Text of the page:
Distal Radius Fracture Fixation
What is a distal radius fracture fixation?
A distal radius fracture is a fracture that occurs in the radius bone, one of the larger bones in the forearm. The distal end of the radius bone is located nearest the wrist. The most common cause of this type of fracture is a fall on an outstretched arm. Fractures during this type of break most often occur within an inch from the end of the bone. The most common type of distal radius fracture is called a Colles fracture, which occurs when a broken fragment of the radius tilts upward after the break. Other types of distal radius fractures include an intra—articular fracture, an extra articular fracture, an open fracture, and a comminuted fracture. The type of fracture that occurs dictates what treatment is required. A patient may require a distal radius fracture fixation if the bone is out of place and needs to be surgically corrected and placed in a cast. If left untreated, a fracture can impact the function of the arm. A distal radius fracture fixation in an open reduction internal fixation procedure, which requires an incision be made and surgical hardware such as screws be placed to set the bones in the correct position.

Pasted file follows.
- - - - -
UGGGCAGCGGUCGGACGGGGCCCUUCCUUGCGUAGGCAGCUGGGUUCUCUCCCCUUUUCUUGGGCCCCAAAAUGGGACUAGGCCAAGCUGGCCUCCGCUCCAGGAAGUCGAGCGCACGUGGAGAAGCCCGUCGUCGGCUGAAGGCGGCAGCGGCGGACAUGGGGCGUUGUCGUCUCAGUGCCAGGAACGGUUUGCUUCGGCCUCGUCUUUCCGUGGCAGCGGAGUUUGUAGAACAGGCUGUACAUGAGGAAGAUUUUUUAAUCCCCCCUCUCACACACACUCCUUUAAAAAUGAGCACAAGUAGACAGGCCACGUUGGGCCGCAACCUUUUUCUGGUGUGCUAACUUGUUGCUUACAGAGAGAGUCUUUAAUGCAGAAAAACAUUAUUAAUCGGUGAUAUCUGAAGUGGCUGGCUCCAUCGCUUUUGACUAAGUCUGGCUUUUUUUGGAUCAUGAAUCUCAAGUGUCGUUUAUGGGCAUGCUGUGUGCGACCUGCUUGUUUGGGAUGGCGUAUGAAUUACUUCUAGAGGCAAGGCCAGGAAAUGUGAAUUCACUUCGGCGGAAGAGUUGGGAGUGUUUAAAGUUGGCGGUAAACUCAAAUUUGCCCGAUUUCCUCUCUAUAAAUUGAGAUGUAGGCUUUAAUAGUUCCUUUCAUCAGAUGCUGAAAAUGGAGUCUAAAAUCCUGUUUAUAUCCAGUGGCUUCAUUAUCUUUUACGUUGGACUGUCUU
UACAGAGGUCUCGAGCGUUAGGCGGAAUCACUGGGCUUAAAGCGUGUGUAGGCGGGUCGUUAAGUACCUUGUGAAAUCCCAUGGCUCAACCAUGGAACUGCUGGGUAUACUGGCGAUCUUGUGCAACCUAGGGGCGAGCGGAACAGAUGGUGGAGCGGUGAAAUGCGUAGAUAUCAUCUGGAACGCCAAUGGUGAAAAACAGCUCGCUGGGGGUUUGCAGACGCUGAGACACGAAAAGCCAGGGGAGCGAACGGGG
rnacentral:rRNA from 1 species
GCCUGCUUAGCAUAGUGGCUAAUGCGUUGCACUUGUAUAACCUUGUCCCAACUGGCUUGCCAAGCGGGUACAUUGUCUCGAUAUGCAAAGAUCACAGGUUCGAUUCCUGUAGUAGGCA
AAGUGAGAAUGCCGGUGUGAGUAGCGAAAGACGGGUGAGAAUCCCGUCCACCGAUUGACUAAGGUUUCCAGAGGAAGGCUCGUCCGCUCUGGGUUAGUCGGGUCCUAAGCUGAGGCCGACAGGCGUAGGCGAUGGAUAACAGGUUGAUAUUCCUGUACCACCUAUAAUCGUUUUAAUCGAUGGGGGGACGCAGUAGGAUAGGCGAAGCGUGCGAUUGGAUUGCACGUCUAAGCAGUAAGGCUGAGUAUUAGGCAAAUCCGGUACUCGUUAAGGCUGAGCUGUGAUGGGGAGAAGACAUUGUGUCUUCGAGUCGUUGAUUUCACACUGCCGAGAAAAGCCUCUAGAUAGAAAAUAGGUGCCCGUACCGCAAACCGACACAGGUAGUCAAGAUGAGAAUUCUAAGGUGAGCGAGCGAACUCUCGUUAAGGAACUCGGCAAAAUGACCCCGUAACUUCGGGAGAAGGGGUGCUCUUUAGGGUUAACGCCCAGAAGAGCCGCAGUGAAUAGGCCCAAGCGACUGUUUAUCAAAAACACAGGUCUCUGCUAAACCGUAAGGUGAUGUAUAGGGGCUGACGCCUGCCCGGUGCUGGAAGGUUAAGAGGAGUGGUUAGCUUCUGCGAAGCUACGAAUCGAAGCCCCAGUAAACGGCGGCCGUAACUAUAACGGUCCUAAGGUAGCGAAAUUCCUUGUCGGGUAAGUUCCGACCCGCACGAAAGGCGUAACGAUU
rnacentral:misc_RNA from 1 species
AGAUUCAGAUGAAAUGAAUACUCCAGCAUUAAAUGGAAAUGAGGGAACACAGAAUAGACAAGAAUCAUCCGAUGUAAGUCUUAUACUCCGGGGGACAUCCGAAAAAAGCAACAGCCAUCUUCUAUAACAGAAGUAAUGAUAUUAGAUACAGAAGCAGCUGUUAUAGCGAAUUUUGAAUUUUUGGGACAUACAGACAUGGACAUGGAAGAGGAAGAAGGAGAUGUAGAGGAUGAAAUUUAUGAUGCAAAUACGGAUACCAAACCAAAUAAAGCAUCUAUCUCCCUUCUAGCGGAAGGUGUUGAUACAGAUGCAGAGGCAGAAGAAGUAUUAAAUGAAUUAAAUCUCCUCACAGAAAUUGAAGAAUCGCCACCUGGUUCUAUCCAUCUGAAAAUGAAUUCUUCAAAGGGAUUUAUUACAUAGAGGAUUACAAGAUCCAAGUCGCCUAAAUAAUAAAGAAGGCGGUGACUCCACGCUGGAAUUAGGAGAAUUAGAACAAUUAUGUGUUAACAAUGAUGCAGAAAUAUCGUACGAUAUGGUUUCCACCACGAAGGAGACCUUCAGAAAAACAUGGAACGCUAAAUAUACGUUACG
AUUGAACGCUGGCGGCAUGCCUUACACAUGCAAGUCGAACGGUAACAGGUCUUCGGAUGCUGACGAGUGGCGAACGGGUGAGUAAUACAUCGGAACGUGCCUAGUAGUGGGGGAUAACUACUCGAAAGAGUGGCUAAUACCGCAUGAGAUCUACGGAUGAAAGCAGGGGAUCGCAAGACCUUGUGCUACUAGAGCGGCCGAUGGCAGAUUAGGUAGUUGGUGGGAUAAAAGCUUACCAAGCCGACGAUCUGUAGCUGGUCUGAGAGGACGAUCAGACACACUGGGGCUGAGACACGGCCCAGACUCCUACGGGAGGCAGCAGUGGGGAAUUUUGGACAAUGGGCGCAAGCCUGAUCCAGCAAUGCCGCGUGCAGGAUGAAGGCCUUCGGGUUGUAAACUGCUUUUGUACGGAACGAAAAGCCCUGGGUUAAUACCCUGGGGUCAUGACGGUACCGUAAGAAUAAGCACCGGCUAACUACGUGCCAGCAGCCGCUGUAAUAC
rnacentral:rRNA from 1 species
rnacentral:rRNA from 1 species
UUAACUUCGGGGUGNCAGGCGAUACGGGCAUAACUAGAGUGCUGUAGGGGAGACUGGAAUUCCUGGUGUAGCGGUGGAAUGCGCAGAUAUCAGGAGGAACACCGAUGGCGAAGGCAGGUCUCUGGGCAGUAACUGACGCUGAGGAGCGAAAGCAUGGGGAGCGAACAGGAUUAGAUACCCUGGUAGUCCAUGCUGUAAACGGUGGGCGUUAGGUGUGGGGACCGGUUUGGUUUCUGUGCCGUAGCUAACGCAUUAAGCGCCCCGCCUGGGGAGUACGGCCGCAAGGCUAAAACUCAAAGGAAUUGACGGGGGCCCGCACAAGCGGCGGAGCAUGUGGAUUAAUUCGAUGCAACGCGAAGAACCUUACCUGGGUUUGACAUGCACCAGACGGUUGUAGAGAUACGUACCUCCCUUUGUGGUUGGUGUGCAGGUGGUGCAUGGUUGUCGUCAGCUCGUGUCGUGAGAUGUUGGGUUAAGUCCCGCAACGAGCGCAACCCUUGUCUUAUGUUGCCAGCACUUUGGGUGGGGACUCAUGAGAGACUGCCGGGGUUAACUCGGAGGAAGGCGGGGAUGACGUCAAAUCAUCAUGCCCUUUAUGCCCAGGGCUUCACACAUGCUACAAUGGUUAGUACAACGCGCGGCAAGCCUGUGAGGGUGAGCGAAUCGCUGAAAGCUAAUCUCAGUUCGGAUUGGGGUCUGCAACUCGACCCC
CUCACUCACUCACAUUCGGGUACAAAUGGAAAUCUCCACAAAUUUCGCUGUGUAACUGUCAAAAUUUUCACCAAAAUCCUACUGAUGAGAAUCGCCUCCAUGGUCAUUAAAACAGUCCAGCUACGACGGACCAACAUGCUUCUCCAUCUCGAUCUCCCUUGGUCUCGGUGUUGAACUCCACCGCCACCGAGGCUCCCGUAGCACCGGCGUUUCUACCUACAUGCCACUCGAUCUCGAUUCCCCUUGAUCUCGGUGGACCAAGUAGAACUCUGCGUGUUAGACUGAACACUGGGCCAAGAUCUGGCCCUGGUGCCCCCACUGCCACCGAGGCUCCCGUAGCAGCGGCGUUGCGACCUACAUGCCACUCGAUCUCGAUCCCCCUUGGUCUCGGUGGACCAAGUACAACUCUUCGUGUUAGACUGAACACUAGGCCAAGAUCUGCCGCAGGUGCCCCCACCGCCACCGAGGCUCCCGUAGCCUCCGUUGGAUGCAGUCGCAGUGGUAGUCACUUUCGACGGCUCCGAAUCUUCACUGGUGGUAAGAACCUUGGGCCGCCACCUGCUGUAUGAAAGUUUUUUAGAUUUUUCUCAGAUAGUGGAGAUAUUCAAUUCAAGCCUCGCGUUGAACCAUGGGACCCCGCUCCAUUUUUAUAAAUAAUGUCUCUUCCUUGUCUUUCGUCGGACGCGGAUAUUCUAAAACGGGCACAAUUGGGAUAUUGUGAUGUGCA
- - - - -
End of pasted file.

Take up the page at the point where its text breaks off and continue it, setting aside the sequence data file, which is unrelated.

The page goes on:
What is a distal radius fracture fixation procedure like?
Before a distal radius fracture fixation, the patient will undergo a physical exam that will assess blood circulation and if any nerves were affected by the fracture. X-rays, CT scans, or an MRI may also be ordered to examine the fracture and the surrounding structures. The patient may also be given a tetanus shot. They will need to inform their doctor if they are currently taking any supplements or medications. The patient may also need to fast prior to the surgical procedure. The procedure is performed under general or local anesthesia. The surgeon will first make an incision and locate the fracture. Any wounds sustained will be cleaned out to prevent infection. The surgeon will then reposition the bones into the correct alignment. They will then secure the bone fragments with metal plates, wires, screws, or pins in order to keep the fractured fragments in the correct positions for healing. The incisions will then be closed and covered with a sterile dressing. Patients will need to return to their doctor for follow up appointments so their doctor can monitor the healing process and remove any stitches or staples used to close the incision. The doctor may also prescribe pain medication and physical therapy after the procedure.
Do you have a fracture that could benefit from this surgical technique? Contact the specialists at Mobility Bone & Joint Institute to learn more about treatment options.